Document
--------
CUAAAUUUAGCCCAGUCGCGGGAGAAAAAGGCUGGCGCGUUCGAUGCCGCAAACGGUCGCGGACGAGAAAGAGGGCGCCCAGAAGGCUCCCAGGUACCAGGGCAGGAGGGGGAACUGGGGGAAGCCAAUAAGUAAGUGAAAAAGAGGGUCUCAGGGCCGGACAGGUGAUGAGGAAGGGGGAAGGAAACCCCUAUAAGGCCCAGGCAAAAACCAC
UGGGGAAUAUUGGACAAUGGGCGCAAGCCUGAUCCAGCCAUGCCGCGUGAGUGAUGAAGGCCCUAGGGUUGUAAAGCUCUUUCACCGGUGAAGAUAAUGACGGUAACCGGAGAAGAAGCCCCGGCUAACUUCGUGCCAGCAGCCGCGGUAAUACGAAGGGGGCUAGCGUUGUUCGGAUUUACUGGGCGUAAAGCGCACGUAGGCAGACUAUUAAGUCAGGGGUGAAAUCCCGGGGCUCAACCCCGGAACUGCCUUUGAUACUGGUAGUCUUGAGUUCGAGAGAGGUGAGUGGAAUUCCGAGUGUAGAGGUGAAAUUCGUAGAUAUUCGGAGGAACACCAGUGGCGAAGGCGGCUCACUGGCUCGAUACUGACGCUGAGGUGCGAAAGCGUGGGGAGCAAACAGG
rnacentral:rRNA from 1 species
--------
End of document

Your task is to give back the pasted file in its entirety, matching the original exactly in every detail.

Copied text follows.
CUAAAUUUAGCCCAGUCGCGGGAGAAAAAGGCUGGCGCGUUCGAUGCCGCAAACGGUCGCGGACGAGAAAGAGGGCGCCCAGAAGGCUCCCAGGUACCAGGGCAGGAGGGGGAACUGGGGGAAGCCAAUAAGUAAGUGAAAAAGAGGGUCUCAGGGCCGGACAGGUGAUGAGGAAGGGGGAAGGAAACCCCUAUAAGGCCCAGGCAAAAACCAC
UGGGGAAUAUUGGACAAUGGGCGCAAGCCUGAUCCAGCCAUGCCGCGUGAGUGAUGAAGGCCCUAGGGUUGUAAAGCUCUUUCACCGGUGAAGAUAAUGACGGUAACCGGAGAAGAAGCCCCGGCUAACUUCGUGCCAGCAGCCGCGGUAAUACGAAGGGGGCUAGCGUUGUUCGGAUUUACUGGGCGUAAAGCGCACGUAGGCAGACUAUUAAGUCAGGGGUGAAAUCCCGGGGCUCAACCCCGGAACUGCCUUUGAUACUGGUAGUCUUGAGUUCGAGAGAGGUGAGUGGAAUUCCGAGUGUAGAGGUGAAAUUCGUAGAUAUUCGGAGGAACACCAGUGGCGAAGGCGGCUCACUGGCUCGAUACUGACGCUGAGGUGCGAAAGCGUGGGGAGCAAACAGG
rnacentral:rRNA from 1 species